This chapter includes the following articles.
The government’s push to stimulate the economy after a turbulent post-revolutionary period is good news for Egypt’s construction sector. Dozens of planned mega-projects and public works initiatives mean that the contracting industry is facing a sizeable project pipeline across all segments of the market. Large-scale plans for a new capital city and the expansion of the Suez Canal, coupled with rather more prosaic infrastructure upgrade requirements, promise a welcomingly busy few years for Egypt’s construction firms. As the problems facing material producers subside, it is expected that prices will also flatten out. Property is one of the few areas that has benefitted from the uncertainty and instability of post-revolutionary Egypt. As investors have become jittery and the government has introduced capital controls, money has flowed into real estate. It is unsurprising then that the sector has witnessed strong growth in 2014-15. However, the market is bifurcated, showing two distinct dynamics at opposite ends of the spectrum. Rising prices and increased supply in the upper end of the market combined with the apparently growing appetite for flipping properties could pose as an early warning sign of a bubble forming.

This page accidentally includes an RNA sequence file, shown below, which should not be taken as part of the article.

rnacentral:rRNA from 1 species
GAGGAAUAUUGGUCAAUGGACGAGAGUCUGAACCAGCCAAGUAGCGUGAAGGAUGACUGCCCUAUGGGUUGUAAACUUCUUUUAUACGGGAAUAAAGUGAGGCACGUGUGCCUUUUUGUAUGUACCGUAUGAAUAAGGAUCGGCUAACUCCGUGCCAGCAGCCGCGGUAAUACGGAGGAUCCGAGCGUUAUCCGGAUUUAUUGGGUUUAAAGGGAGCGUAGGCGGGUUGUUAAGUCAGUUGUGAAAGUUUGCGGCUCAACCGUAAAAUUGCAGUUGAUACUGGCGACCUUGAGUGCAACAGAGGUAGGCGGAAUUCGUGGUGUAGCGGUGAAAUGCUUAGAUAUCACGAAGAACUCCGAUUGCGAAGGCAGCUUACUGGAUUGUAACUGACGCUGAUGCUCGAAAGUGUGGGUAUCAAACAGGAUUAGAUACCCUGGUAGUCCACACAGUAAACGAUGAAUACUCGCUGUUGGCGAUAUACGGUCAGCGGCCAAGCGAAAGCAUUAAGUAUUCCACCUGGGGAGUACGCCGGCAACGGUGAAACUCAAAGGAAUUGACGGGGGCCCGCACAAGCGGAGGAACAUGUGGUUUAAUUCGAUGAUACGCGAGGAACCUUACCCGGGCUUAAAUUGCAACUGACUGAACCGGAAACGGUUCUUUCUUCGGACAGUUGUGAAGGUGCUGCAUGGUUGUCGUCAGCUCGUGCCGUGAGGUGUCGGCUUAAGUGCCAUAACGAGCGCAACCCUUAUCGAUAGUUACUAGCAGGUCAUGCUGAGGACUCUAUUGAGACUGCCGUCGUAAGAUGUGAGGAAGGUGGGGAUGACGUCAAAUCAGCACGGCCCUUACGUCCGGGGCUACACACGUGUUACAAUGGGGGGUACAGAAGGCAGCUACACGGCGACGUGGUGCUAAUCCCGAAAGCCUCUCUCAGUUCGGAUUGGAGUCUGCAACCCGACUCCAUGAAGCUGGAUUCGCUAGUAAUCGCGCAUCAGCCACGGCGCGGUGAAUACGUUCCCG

This chapter contains interviews with Hassan Allam, CEO, Hassan Allam Construction; Mohamed Mohsen Salah El Din, Chairman, The Arab Contractors; Magued Sherif, Managing Director, SODIC; and Tarek Abdel Rahman, Co-CEO, Palm Hills Developments.